In a move to encourage foreign investment in Australia, the Federal Government has recently announced a broadening of the foreign investor visa programme.

In this Alert, Senior Associate Ryan White and Law Graduate Andrew Clements discuss the proposed changes.


The Significant Investor visa (SIV) was introduced on 24 November 2012 with the aim of encouraging foreign investment in Australia. It is targeted at people wanting to maintain business and investment activity in Australia after their original investment in Australia has matured and offers a pathway to permanent residency for individuals who have an investment of at least $5 million in Australia for at least four years. 

As at 30 September 2014, there has been over $2 billion of SIV investment into Australia with 82 percent investing in government bonds or management funds.  88 percent of SIV investment has come from China.[1]

The recent changes to the SIV programme seek to further capitalise on these investments in Australia and diversify the sources of investors under the programme.  Changes to the programme will target investors more effectively, and strategically direct these investments at areas of priority to the Australian economy.

In light of competition for investors from countries whose visa programmes often have less onerous application criteria and processing requirements, the Federal Government will streamline the programme's administration.

These changes are part of a broader policy shift by the Federal Government, which is looking for ways to encourage greater international investment in Australia.

The Changes

The most significant change proposed is the introduction of a new Premium Investor visa (PIV), which will offer a faster 12-month pathway to permanent residency for those who have an investment of at least $15 million.

The key changes planned, include:

  1. The criteria for eligible investments will be changed, so that they align with "the Government's national investment priorities".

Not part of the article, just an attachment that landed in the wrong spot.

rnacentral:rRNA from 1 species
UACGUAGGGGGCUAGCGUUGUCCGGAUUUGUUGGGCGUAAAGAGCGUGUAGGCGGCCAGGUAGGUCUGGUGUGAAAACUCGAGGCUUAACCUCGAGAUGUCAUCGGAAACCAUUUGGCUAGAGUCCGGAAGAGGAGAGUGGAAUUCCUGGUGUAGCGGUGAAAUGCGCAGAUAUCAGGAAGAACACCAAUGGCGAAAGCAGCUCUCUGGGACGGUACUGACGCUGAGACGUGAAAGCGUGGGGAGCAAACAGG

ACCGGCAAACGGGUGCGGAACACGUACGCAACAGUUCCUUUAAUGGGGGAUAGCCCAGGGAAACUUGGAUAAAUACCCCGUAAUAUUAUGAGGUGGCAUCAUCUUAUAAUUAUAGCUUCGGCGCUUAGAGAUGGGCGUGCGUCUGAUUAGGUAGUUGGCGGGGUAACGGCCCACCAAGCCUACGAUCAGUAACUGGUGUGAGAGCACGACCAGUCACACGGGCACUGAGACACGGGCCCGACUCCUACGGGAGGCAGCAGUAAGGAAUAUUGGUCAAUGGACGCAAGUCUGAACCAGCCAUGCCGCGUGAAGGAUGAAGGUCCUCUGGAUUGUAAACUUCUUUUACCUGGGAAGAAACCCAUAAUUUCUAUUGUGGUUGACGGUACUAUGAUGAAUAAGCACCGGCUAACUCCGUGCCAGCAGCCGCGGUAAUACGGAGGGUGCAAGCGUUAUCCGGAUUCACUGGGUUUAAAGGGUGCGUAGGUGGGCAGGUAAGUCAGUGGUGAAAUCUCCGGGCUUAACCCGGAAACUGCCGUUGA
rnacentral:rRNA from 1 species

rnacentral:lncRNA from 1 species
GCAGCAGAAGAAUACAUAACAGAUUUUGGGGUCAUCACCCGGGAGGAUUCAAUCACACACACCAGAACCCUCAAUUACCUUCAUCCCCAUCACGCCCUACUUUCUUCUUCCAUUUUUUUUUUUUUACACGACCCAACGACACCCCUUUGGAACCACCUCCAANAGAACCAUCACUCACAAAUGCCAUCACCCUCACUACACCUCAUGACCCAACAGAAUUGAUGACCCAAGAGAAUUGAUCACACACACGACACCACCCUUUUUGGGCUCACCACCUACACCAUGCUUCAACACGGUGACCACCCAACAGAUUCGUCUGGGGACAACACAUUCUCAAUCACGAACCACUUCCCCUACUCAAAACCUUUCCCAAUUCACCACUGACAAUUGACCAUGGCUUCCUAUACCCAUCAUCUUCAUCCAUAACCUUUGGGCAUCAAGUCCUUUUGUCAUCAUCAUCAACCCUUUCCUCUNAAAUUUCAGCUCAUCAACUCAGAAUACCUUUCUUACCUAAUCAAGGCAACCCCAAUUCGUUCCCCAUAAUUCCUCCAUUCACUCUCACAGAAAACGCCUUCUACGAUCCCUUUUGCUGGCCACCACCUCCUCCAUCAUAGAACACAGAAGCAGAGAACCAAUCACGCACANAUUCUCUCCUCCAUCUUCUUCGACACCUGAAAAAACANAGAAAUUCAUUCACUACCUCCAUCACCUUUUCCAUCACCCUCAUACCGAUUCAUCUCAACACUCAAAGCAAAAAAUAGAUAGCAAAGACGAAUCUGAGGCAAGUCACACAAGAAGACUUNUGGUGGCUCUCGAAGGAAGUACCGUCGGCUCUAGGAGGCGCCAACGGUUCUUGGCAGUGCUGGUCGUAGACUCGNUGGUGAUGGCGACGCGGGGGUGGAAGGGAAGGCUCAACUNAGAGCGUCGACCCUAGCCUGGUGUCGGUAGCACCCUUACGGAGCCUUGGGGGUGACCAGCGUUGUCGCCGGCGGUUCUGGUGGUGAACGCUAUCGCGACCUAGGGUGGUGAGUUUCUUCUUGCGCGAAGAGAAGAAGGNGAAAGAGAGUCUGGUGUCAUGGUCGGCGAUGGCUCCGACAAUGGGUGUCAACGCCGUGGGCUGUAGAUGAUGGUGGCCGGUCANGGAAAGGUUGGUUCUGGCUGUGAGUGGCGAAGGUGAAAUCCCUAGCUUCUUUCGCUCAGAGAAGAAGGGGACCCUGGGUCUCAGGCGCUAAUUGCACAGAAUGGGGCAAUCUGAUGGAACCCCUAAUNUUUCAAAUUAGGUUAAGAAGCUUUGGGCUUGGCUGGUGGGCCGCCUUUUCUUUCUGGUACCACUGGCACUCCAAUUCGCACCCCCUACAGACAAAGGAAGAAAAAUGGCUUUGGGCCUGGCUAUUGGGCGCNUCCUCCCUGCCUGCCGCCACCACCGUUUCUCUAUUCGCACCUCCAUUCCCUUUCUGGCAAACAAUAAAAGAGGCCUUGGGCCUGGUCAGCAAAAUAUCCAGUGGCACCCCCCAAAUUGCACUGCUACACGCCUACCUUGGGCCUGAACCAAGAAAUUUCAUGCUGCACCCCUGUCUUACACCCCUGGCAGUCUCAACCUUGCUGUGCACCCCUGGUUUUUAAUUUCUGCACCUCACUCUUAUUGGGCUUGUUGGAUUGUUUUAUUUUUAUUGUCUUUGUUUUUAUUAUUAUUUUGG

2. The criteria for eligible investments will be determined by the Federal Government's Austrade agency in consultation with the key economic and industry portfolios.
  3. Austrade will also become a nominating body for the SIV (in addition to the current role of state and territory governments' as nominators) and will be the sole agency that can nominate applicants for the PIV.
  4. Administrative changes to streamline and speed up visa processing, better promote the programme internationally and strengthen integrity protections.

We note that one interesting development is the increased role that Austrade will play under these changes.  This may take some power away from the State and Territory governments and will facilitate greater investment in areas the Federal Government deems to be key economic and industry portfolios.  While the key areas for eligible investment are yet to be identified, it is expected that the areas will be aligned with the Federal Government’s investment priorities, including:

  • Food and agribusiness;
  • Resources and energy;
  • Economic infrastructure;
  • Tourism and education; and
  • Advanced services, manufacturing and technologies.

The increased investment threshold will increase opportunities to attract investment from foreign high net worth individuals.  Investors and their advisors must still remain conscious of issues associated with those investments, including the cross border-tax implications and the possibility that over time the Federal Government’s criteria for eligible investments may change.

It is likely that the PIV will be introduced from 1 July 2015, while changes to the existing SIV will take place during 2014-2015.  Implementation of the changes will be closely followed.